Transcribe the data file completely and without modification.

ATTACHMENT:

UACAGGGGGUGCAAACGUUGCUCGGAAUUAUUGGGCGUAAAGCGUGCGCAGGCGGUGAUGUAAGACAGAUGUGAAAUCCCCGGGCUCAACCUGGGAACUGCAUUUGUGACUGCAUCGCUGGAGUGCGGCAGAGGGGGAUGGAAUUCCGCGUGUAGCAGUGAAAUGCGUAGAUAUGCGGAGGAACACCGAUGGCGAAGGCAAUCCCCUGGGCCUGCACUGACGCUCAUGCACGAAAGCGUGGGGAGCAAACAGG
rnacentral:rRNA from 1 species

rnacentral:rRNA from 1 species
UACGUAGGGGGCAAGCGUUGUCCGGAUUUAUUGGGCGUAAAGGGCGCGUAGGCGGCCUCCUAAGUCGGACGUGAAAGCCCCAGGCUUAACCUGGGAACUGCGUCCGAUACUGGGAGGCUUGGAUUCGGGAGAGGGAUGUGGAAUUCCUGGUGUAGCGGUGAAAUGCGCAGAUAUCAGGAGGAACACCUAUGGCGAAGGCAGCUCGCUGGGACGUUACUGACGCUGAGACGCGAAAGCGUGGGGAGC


UACAGGGGGUGCAAACGUUGCUCGGAAUUAUUGGGCGUAAAGCGUGCGCAGGCGGUGAUGUAAGACAGAUGUGAAAUCCCCGGGCUCAACCUGGGAACUGCAUUUGUGACUGCAUCGCUGGAGUGCGGCAGAGGGGGAUGGAAUUCCGCGUGUAGCAGUGAAAUGCGUAGAUAUGCGGAGGAACACCGAUGGCGAAGGCAAUCCCCUGGGCCUGCACUGACGCUCAUGCACGAAAGCGUGGGGAGCAAACAGG
rnacentral:rRNA from 1 species

rnacentral:rRNA from 1 species
UACGUAGGGGGCAAGCGUUGUCCGGAUUUAUUGGGCGUAAAGGGCGCGUAGGCGGCCUCCUAAGUCGGACGUGAAAGCCCCAGGCUUAACCUGGGAACUGCGUCCGAUACUGGGAGGCUUGGAUUCGGGAGAGGGAUGUGGAAUUCCUGGUGUAGCGGUGAAAUGCGCAGAUAUCAGGAGGAACACCUAUGGCGAAGGCAGCUCGCUGGGACGUUACUGACGCUGAGACGCGAAAGCGUGGGGAGC